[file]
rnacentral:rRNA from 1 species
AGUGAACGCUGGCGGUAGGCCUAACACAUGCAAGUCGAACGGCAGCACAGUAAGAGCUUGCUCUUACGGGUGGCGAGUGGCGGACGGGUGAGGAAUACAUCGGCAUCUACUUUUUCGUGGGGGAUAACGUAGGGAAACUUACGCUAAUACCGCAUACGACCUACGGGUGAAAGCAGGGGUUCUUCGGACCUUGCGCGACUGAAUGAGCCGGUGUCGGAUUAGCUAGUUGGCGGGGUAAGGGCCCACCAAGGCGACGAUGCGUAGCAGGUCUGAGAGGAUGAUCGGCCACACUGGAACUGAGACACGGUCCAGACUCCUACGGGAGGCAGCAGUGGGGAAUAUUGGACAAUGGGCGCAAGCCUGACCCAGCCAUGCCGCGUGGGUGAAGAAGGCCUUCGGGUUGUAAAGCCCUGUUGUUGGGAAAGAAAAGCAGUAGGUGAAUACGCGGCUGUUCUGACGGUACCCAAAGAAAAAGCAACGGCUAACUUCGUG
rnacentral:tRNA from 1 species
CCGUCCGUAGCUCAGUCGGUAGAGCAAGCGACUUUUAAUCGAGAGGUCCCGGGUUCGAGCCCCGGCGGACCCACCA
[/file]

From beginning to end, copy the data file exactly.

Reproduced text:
rnacentral:rRNA from 1 species
AGUGAACGCUGGCGGUAGGCCUAACACAUGCAAGUCGAACGGCAGCACAGUAAGAGCUUGCUCUUACGGGUGGCGAGUGGCGGACGGGUGAGGAAUACAUCGGCAUCUACUUUUUCGUGGGGGAUAACGUAGGGAAACUUACGCUAAUACCGCAUACGACCUACGGGUGAAAGCAGGGGUUCUUCGGACCUUGCGCGACUGAAUGAGCCGGUGUCGGAUUAGCUAGUUGGCGGGGUAAGGGCCCACCAAGGCGACGAUGCGUAGCAGGUCUGAGAGGAUGAUCGGCCACACUGGAACUGAGACACGGUCCAGACUCCUACGGGAGGCAGCAGUGGGGAAUAUUGGACAAUGGGCGCAAGCCUGACCCAGCCAUGCCGCGUGGGUGAAGAAGGCCUUCGGGUUGUAAAGCCCUGUUGUUGGGAAAGAAAAGCAGUAGGUGAAUACGCGGCUGUUCUGACGGUACCCAAAGAAAAAGCAACGGCUAACUUCGUG
rnacentral:tRNA from 1 species
CCGUCCGUAGCUCAGUCGGUAGAGCAAGCGACUUUUAAUCGAGAGGUCCCGGGUUCGAGCCCCGGCGGACCCACCA